A little clarification


I was just going back through the Callbacks chapter for deeper understanding and stumbled upon something that I’m missing fundamentally. I get why you need to declare variables and that you create a pointer and create an object to put there.

This makes sense:

Mostly because I understand allocating some memory for variables and methods in an object.

But looking at this got me thinking:

__unused NSURLConnection *fetchConn = [[NSURLConnection alloc] initWithRequest:request delegate:logger startImmediately:YES];
What makes the NSURLConnection object “do” what it does? It this just a function of all NSURLConnection objects? Do they, upon creation on the heap, just start doing what you ask? If so, is the following statement true about the code above: “A NSURLConnection pointer is declared then an NSURLConnection instance is created on the heap then upon initialization starts executing outside the main loop/thread.” (Be gentle, I’m not up on my thread understanding yet.)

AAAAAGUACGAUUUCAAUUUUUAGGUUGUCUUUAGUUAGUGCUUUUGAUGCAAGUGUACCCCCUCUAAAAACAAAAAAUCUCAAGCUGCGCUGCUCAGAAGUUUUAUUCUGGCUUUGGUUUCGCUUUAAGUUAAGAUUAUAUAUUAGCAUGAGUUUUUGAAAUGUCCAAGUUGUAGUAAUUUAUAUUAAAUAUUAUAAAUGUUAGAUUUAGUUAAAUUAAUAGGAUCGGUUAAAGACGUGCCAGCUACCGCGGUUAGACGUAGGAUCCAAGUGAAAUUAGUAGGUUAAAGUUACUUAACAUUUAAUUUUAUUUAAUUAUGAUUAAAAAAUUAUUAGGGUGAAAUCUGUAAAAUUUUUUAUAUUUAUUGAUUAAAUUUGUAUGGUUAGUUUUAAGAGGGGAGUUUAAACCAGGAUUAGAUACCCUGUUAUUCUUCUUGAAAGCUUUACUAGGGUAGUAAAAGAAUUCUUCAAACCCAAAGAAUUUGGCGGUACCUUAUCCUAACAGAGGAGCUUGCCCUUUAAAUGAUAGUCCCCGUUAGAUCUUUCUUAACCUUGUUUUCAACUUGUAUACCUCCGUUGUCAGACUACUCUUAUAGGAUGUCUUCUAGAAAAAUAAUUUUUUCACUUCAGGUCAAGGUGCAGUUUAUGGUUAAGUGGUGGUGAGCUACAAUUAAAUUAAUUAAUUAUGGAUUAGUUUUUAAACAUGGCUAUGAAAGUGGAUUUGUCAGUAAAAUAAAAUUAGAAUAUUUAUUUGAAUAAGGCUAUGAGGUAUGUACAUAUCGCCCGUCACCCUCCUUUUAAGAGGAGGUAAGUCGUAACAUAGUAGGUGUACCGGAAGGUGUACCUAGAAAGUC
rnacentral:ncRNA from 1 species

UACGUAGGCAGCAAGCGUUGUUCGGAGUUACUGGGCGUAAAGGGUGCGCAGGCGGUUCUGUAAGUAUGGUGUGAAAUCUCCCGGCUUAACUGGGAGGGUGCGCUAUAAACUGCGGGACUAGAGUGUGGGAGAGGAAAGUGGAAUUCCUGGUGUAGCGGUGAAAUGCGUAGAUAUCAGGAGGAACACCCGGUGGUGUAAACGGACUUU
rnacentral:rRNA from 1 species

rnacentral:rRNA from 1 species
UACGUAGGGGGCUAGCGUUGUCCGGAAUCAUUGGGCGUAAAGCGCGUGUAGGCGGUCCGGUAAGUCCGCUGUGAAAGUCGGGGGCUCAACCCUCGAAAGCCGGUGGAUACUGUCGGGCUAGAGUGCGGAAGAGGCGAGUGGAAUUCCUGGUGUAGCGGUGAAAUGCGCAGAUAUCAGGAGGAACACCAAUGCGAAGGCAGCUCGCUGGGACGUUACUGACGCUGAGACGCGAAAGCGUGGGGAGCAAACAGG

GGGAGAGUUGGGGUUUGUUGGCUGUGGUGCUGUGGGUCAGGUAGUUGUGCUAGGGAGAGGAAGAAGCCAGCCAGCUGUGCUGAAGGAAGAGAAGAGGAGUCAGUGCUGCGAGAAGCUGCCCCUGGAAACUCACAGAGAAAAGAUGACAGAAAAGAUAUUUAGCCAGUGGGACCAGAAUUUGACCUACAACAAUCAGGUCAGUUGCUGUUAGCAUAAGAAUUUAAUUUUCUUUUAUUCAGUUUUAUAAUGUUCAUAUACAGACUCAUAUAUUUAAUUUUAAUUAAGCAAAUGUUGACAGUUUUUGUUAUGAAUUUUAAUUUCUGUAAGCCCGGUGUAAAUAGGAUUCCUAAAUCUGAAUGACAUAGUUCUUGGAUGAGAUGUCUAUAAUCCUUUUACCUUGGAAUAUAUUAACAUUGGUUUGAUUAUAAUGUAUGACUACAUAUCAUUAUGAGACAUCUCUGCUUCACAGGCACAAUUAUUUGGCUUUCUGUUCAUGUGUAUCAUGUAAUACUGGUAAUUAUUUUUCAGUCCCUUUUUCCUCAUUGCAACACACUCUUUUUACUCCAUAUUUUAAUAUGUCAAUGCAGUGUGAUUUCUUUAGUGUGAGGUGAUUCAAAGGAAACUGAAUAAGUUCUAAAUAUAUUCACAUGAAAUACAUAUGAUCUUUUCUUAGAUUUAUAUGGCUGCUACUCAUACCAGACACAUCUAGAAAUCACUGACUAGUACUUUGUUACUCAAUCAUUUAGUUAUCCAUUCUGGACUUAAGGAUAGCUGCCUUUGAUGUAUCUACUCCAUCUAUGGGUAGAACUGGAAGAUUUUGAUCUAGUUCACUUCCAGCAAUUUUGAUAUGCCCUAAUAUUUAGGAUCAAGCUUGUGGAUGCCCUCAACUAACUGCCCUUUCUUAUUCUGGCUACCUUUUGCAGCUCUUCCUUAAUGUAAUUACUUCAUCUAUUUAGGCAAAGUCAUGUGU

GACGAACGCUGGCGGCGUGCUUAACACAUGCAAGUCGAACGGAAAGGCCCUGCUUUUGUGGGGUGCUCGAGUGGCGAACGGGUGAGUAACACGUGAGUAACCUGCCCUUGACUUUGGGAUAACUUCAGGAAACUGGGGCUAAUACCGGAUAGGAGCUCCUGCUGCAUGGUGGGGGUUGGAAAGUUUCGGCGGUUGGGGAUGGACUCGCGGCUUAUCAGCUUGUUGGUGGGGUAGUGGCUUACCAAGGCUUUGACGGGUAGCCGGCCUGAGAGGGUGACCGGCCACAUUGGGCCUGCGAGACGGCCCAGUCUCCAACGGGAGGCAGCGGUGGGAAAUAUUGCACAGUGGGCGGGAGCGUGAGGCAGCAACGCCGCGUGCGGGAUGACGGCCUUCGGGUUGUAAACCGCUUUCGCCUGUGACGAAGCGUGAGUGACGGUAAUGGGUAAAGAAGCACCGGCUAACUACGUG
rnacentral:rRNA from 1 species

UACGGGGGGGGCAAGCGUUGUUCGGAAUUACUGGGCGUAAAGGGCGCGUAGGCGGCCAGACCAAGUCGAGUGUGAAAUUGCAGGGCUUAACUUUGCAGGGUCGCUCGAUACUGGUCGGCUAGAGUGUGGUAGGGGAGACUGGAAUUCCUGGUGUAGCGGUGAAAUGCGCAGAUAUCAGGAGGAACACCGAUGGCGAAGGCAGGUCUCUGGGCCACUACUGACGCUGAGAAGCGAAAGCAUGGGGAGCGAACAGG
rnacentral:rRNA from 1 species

I’m hoping that makes sense. Any clarifications would be welcome.


This statement is correct: “They, upon creation on the heap, just start doing what you ask.”

The mechanism by which NSURLConnection does its job is a little deeper (whether it spawns a new thread or whether it just registers a socket with the run loop), but the good part is this: You don’t need to understand the mechanism. In fact, I think Apple has changed the exact implementation of this method a couple of times. You just need to know that as the delegate you will get callbacks when the data arrives.


Thank you Aaron.